Welcome to The Helen Mirren Archives, your premiere web resource on the British actress. Best known for her performances with the Royal Shakespeare Company, "Prime Suspect" and her Oscar-winning role in "The Queen", Helen Mirren is one of the world's most eminent actors today. This unofficial fansite provides you with all latest news, photos and videos on her past and present projects. Enjoy your stay.
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To London, for lunch with the Queen of England, or the next-best thing: Helen Mirren. “This isn’t your corner pub, you know,” she said when we met at the three-Michelin-starred Alain Ducasse restaurant at the Dorchester hotel. “We get proper food!”
The sold-out run of The Audience, in which the actress achieves a mesmerizing portrait of the Queen, was coming to a close in the West End. The likable, sometimes regal, innately intelligent Ms. Mirren is more petite than one expects: five feet four inches (the same height, coincidentally, as the Queen).
“But you’re not giving an impersonation of the Queen,” I said.
“I’m a crappy impersonator, actually,” she replied. “But, you know, she lets portrait artists make of her what they will. So, I’m making just another portrait of her.”
Even so, it’s an uncanny one—the living embodiment of the reserved, iconic, ultimately unknowable Queen Elizabeth II—along with permanently attached handbag, sensible shoes, and corgis. Sometimes people think Mirren is the Queen. She famously lost it during a performance when the racket made by drummers promoting gay rights was heard through the thin walls of the Gielgud Theatre. At intermission, she stormed outside to silence them, still in her Queen Elizabeth II costume. “Stop! Stop!” she demanded. “You’re fucking up our performance!” (They stopped.)
But aren’t monarchs really actors? I mentioned the King’s memorable line in Alan Bennett’s The Madness of King George (in which Ms. Mirren played Queen Charlotte): “Smile at the people! Wave to them! Let them see that we’re happy!”
“Waving, yes. Not necessarily smiling,” she responded. “The Queen doesn’t need to smile! Or make us think how charming or beautiful she is. She’s not at a permanent red-carpet event.”
“Madam has made a very good choice,” said our French waiter discreetly.
“Oh, lovely!” said Mirren, who was being treated like, well, royalty. She had ordered a simple starter of raw and cooked vegetables—“Not fattening, is it?”—followed by a delicious halibut. There could be no wine, because of the show that night. “Daren’t,” she said.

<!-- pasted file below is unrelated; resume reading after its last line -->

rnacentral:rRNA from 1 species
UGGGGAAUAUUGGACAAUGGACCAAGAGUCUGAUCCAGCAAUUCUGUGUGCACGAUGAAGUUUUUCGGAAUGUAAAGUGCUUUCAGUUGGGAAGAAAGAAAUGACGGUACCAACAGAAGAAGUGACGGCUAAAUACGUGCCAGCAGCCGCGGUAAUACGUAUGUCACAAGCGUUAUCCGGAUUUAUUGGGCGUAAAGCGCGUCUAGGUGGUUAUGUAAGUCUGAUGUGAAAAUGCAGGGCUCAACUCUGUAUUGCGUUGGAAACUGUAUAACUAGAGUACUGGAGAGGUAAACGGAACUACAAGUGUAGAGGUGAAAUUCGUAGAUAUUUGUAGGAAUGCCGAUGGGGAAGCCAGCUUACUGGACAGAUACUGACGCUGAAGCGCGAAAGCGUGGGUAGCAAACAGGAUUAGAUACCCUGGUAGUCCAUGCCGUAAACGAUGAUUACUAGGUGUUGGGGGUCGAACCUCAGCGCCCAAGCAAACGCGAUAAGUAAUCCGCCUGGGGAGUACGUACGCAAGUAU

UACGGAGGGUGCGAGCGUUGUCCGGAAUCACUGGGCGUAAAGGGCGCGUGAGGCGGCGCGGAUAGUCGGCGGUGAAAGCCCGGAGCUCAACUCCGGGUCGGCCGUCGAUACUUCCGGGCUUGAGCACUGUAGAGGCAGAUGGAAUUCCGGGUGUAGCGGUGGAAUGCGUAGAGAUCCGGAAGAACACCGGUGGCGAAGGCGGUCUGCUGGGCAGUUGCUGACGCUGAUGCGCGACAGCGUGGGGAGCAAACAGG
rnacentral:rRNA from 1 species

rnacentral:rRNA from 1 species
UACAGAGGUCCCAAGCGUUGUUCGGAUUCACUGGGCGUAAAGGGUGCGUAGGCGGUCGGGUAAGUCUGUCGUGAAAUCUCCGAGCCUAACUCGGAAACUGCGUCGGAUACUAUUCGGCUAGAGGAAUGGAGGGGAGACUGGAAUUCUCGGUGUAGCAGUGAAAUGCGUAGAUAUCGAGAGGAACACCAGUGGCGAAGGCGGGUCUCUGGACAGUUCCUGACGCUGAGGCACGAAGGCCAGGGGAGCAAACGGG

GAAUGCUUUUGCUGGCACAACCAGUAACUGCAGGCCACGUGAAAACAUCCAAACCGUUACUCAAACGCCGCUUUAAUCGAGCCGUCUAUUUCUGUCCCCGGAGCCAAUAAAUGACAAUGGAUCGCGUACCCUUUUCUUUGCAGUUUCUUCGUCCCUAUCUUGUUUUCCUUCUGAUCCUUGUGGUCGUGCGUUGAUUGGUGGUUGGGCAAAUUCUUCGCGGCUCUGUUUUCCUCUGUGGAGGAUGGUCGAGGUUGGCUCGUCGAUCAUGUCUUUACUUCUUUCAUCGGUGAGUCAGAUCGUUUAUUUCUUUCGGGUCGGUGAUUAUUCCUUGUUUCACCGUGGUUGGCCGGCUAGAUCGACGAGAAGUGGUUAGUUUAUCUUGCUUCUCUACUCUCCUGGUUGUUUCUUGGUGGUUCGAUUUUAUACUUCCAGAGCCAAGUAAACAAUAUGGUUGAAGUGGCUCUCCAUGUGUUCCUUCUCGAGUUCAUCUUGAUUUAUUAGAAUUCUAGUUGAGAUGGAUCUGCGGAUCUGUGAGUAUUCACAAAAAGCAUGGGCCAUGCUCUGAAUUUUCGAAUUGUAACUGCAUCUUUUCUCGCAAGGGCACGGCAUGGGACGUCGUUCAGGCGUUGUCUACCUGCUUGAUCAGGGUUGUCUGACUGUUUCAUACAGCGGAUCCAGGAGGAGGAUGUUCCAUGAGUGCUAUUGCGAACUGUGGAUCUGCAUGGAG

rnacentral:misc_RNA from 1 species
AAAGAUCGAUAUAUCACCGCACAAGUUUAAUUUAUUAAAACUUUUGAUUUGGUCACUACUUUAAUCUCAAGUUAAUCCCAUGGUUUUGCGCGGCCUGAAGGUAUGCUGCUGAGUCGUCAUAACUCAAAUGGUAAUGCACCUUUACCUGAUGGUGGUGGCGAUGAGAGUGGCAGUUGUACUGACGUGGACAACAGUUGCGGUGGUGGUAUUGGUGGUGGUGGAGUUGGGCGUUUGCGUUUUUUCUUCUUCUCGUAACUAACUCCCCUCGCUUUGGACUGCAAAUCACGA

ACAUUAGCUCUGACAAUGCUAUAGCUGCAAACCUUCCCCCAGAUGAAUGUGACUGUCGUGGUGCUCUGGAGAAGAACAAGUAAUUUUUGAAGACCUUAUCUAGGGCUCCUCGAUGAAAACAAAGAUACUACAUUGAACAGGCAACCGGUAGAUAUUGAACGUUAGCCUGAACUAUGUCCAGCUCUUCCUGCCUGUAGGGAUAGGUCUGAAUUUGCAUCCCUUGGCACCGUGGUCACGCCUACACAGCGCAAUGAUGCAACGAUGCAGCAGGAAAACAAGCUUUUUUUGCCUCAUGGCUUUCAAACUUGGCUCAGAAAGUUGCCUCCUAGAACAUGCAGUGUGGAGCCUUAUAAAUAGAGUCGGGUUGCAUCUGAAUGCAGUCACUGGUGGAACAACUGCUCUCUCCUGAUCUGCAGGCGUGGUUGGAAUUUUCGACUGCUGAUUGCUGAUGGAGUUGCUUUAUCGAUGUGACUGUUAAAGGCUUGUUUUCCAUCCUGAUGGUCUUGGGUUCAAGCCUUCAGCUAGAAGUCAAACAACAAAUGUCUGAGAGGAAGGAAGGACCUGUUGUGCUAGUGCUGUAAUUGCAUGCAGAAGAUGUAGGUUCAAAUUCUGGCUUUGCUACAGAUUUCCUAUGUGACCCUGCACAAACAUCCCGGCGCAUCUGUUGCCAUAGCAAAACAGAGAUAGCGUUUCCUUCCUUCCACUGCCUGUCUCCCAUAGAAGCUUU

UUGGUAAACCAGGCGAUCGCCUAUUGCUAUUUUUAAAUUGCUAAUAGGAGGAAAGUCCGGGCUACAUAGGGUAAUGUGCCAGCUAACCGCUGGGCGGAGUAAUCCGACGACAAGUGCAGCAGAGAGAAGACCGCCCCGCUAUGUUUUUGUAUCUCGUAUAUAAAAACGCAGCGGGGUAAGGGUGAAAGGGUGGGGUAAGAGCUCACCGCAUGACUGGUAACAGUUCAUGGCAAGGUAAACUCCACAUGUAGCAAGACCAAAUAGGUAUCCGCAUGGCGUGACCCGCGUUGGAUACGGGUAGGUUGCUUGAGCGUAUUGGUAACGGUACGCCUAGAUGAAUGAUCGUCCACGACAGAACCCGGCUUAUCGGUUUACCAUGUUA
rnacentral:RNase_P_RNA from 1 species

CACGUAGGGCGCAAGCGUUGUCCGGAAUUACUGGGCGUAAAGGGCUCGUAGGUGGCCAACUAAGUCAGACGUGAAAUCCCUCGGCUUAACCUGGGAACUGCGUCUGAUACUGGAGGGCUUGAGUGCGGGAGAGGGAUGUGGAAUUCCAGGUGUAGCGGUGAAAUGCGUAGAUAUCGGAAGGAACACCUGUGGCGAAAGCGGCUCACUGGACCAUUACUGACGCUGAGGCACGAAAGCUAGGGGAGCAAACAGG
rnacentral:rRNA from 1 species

It’s difficult to believe that she will soon turn 68. Dame Helen’s roots are British working-class and partly Russian—she was born Helen Mironov—and she has always conveyed a beguiling image of theater aristocrat and earthy broad. When she was a prodigy in her peachy 20s at the Royal Shakespeare Company, she disarmed earnest journalists by telling them, “Oh, don’t let’s talk about serious acting. Let’s talk about my big tits!”
Today, she’s a national institution in England and keeps homes in London, Provence, and Hollywood (where she lives with director Taylor Hackford, whom she married when she was 52 after a long partnership). Until the international success of her driven TV detective, Jane Tennison, in Prime Suspect, during the 1990s, her Hollywood career was at a standstill. She told me, surprisingly, that she still suffers from the actor’s traditional neurosis of fearing she will never work again. She is therefore everywhere—as Hitchcock’s controlling wife, Alma Reville, in Hitchcock; Phil Spector’s attorney opposite Al Pacino in HBO’s Phil Spector; and a cool assassin named Victoria, if you please, in Red 2, out this month.
But monarchs are her specialty. After all, she’s played Cleopatra, Queen of the Nile, three times; the Queen in the TV series Elizabeth I, for which she won the Emmy; Elizabeth II in the movie The Queen, for which she won her Academy Award; and now Elizabeth II in The Audience, for which she won the Olivier Award. Enough with the awards already! So, why did she take the unusual step of playing Queen Elizabeth II again?
“When Peter Morgan (the screenwriter of The Queen) sent me the play and asked if I was interested, I e-mailed him back with just two words: ‘You bastard!’ I knew I couldn’t turn it down. At the same time, I felt uncertain, because I knew it would stick the Queen’s mantle on me even more fiercely than it was stuck already.”
She looked at me then in a certain opaque way, and for one bizarre moment it was as if I were staring back directly into the impenetrable gaze of the Queen herself.
How on earth does Helen Mirren do it? “The Queen always appears to be looking at the world. She’s objective and steady. She isn’t repressed or neurotic. There’s a sense of humor. But she remains a mystery. And I think it comes from living a life that nobody can ever comprehend. Remember, she has never drawn her own bath, never stood on line in a shop. Her husband walks two paces behind her in public. It’s a world we just can’t fathom, and there’s no escape from it for her. So I’ve thought of her weirdly as a captain of a submarine looking out at the world through a periscope. She takes us in. And then—dive, dive, dive!”